Fifth planet (hypothetical)

In the history of astronomy, a handful of solar system bodies have been counted as the fifth planet from the sun. Under the present definition of a planet, this celestial body is Jupiter.

Previous fifth planets

There are three main ideas regarding hypothetical planets between Mars and Jupiter.


During the early 19th century, as asteroids were discovered, they were considered planets. Jupiter became the sixth planet with the discovery of Ceres in 1801. Soon, three more asteroids, Pallas (1802), Juno (1804), and Vesta (1807) were discovered. They were counted as separate planets, despite the fact that they shared an orbit as defined by the Titius-Bode law. Between 1845 and 1851, eleven additional asteroids were discovered and Jupiter had become the twentieth planet. At this point, astronomers began to classify asteroids as minor planets. Following the reclassification of the asteroids in their own group, Jupiter became the fifth planet once again. With the redefinition of the term planet in 2006, Ceres is now considered a dwarf planet.

The Disruption Theory

A hypothetical planet between Mars and Jupiter has long been thought to have occupied the space where the asteroid belt is currently located. Scientists in the 18th century dubbed this hypothetical planet Phaeton. Though today the Phaeton hypothesis has been largely discarded by the scientific community (after being superseded by the accretion model), some fringe scientists regard this theory as credible and even likely. This resurgence is largely based on Zecharia Sitchin's readings of Sumerian mythology , regarding the supposed presence of a planet called Tiamat in the writings of ancient astronomers. Also a Planet V has been hypothesized by NASA scientists John Chambers and Jack Lissauer, this planet however would not have created the asteroid belt, in most only a portion of it, see also #The Planet V Theory.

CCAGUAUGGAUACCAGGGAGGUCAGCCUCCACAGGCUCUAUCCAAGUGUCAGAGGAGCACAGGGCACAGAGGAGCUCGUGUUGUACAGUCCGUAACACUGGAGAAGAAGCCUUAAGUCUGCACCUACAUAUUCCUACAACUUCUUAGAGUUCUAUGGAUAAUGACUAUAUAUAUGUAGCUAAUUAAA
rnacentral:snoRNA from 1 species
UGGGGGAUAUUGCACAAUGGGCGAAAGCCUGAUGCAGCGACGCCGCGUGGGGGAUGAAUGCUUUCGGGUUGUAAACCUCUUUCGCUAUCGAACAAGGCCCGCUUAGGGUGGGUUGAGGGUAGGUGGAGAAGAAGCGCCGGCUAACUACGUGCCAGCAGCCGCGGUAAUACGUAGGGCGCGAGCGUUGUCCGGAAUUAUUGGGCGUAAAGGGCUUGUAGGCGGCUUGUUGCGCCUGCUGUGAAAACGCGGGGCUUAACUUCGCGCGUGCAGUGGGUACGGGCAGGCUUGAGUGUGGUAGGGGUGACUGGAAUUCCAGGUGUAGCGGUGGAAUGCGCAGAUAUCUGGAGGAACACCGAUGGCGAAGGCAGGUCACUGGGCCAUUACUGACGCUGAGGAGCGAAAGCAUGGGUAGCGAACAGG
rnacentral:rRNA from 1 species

The theories today regarding the formation of the asteroid belt from the destruction of a hypothetical fifth planet are usually collectively referred to as the Disruption Theory. This theory states that there was once a major planetary member of the solar system circulating in the present gap between Mars and Jupiter, which was variously destroyed when:

  • it veered too close to Jupiter and was torn apart by the gas giant's powerful gravity.
  • it was struck by another large celestial body.
  • it was destroyed by a hypothetical brown dwarf, the companion star to the Sun known as Nemesis.
  • it was shattered by some great internal catastrophe.

In 1988, Donald W. Patten wrote a book entitled Catastrophism and the Old Testament outlining the theory that a planet he called Astra overtook Mars and, upon reaching the Roche Limit, broke apart much like the comet Shoemaker-Levy 9 did when it reached Jupiter's Roche Limit in 1994.

The Planet V Theory

Based on simulations, NASA space scientists Chambers and Lissauer have proposed the existence of a planet between Mars and the asteroid belt, going in a successively eccentric and unstable orbit, before 4,000 Mya. They connect this planet, which they name Planet V, and its disappearance with the Late Heavy Bombardment episode of the Hadean era. Chambers and Lissauer also claim this Planet V most probably ended up crashing into the Sun. This theory is distinguished from the Disruption Theory in that it does not address the creation of the asteroid belt from the remains of the destroyed planet.

Fifth planet in fiction

The concept of a fifth planet which had been destroyed to make the asteroid belt, as in the Disruption Theory, has been a popular one in fiction, especially in James P. Hogan's popular Giants book series. See Asteroids in fiction. The juvenile novels written by Robert Heinlein for Scribner's in the 1950s refer to Planet V as the Ruined Planet, or as Planet Lucifer.



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